Still, Kalanick is aware of his company’s reputation. In Uber’s most recent funding announcement, he said as much, addressing Uber’s recent controversies by saying:

This kind of growth has also come with significant growing pains. The events of the recent weeks have shown us that we also need to invest in internal growth and change. Acknowledging mistakes and learning from them are the first steps. We are collaborating across the company and seeking counsel from those who have gone through similar challenges to allow us to refine and change where needed.

Investors are going crazy for Uber. Some of Uber’s earliest markets are basically minting money, generating hundreds of millions of dollars in revenue annually. In November, Business Insider obtained an internal Uber presentation that was created in early 2014. Most of the data is just from December 2013, but even so, the data within the document gives every indication that Uber is far from being done growing.

In its biggest cities — Washington, D.C., New York City, Chicago, San Francisco, and Los Angeles — Uber had more than 100,000 trips per week as of last December. Here’s Business Insider’s Alyson Shontell:

In December 2013, Uber generated about $US11.7 million in Washington, D.C. (a ~$US141 million annual run rate). It generated $US26 million in New York City, or an annual run rate of $US312 million. In Chicago, Uber generated $US12.7 million for a run rate of $US152.4 million. In San Francisco, Uber generated $US17.7 million, a run rate of $US212.4 million. Los Angeles generated somewhere between the revenue of New York and San Francisco.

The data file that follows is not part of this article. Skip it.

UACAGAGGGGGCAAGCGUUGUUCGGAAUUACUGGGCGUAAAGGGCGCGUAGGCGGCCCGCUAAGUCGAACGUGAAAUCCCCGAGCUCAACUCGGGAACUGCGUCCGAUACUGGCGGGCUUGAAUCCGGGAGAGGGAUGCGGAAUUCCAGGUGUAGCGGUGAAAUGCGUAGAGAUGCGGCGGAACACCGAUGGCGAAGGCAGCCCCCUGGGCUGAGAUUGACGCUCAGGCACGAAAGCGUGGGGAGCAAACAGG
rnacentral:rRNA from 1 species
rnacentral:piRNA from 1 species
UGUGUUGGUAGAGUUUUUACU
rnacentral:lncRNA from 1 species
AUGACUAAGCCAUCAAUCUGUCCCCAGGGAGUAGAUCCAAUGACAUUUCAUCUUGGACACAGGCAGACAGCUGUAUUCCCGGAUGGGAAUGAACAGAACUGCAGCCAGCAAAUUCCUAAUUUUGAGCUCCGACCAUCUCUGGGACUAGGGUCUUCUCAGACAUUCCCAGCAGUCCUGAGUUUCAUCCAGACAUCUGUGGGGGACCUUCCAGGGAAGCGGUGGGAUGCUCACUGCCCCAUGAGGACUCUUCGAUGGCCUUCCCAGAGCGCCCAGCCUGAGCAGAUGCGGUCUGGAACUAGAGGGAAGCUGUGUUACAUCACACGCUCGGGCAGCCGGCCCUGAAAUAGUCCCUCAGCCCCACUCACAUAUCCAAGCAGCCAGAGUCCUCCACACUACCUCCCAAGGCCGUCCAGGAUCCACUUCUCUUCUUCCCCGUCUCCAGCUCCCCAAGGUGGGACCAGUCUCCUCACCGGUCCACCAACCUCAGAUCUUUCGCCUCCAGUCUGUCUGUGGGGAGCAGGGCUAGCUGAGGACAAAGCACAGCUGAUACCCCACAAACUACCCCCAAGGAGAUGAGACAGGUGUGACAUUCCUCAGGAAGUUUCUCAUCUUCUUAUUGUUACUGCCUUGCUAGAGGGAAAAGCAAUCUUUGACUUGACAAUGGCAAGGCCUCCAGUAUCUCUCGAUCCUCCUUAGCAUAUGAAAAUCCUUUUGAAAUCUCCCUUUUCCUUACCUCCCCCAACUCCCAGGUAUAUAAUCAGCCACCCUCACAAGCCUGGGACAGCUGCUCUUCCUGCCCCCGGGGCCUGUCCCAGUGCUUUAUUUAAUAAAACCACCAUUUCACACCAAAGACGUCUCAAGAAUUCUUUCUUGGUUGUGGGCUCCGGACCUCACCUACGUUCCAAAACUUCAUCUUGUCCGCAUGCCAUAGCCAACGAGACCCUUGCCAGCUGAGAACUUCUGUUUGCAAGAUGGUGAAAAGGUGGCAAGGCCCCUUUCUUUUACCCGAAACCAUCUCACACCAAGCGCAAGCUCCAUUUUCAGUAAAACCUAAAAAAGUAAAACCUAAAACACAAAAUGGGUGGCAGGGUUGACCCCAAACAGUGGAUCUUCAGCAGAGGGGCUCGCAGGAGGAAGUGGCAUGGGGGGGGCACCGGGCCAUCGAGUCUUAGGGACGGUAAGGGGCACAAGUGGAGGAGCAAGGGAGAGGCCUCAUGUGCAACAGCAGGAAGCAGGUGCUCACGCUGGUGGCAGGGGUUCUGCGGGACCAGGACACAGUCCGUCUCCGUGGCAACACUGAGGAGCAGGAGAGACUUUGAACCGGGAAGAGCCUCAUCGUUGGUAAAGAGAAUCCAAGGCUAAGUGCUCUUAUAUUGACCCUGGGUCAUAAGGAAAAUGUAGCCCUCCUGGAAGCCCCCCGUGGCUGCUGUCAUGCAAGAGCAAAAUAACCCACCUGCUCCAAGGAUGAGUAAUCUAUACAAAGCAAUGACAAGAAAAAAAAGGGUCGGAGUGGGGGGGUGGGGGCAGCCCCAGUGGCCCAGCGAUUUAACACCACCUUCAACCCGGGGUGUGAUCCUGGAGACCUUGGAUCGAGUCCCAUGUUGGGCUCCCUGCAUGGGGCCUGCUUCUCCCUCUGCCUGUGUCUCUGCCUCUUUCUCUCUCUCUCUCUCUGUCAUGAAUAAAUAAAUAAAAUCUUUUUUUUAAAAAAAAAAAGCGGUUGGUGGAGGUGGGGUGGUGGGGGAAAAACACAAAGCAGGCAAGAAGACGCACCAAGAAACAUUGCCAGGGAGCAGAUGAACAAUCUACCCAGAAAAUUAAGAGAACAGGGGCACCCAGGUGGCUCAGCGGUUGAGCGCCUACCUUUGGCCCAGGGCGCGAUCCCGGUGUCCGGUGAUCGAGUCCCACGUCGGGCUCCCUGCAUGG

These run rates would generate about $US1 billion a year, and that figure is derived without taking into account Uber’s growth in 2014. Year over year from New Year’s Eve 2012 to New Year’s Eve 2013, Uber’s growth rate was a whopping 369%.

Sources close to the company have said Uber’s gross revenue is expected to hit about $US10 billion by year’s end. Since Uber keeps 20% of gross profit and the rest goes to its drivers, Uber would be netting about $US2 billion in net revenue.

Business Insider’s Henry Blodget adds that Uber’s revenue growth rate is 300% this year, and next year it’s expected to be another 300% gain. Blodget also says investors expect the company to IPO at a valuation of $US50 billion to $US100 billion in the next few years. For comparison’s sake, Facebook achieved Uber’s $US41 billion valuation in its seventh year — which was two years before Facebook went public in 2012.

Besides disrupting the transportation market, Uber has a huge opportunity to break into other on-demand services. For instance, Uber launched UberFRESH, a meal delivery service, in Santa Monica in August. This summer, Uber announced it would be testing an on-demand convenience store goods delivery service called “Corner Store” in Washington, D.C. Uber also launched “Uber Rush” in New York City this year. It’s a courier service not unlike Postmates that relies on on-foot and bike messengers to get your packages from point A to point B.

Uber has had its share of negative press recently. But if the company can overcome regulatory hurdles, privacy concerns, its often problematic company culture, and lawsuits — and it certainly can — Uber is poised to become one of the most successful tech startups of all time.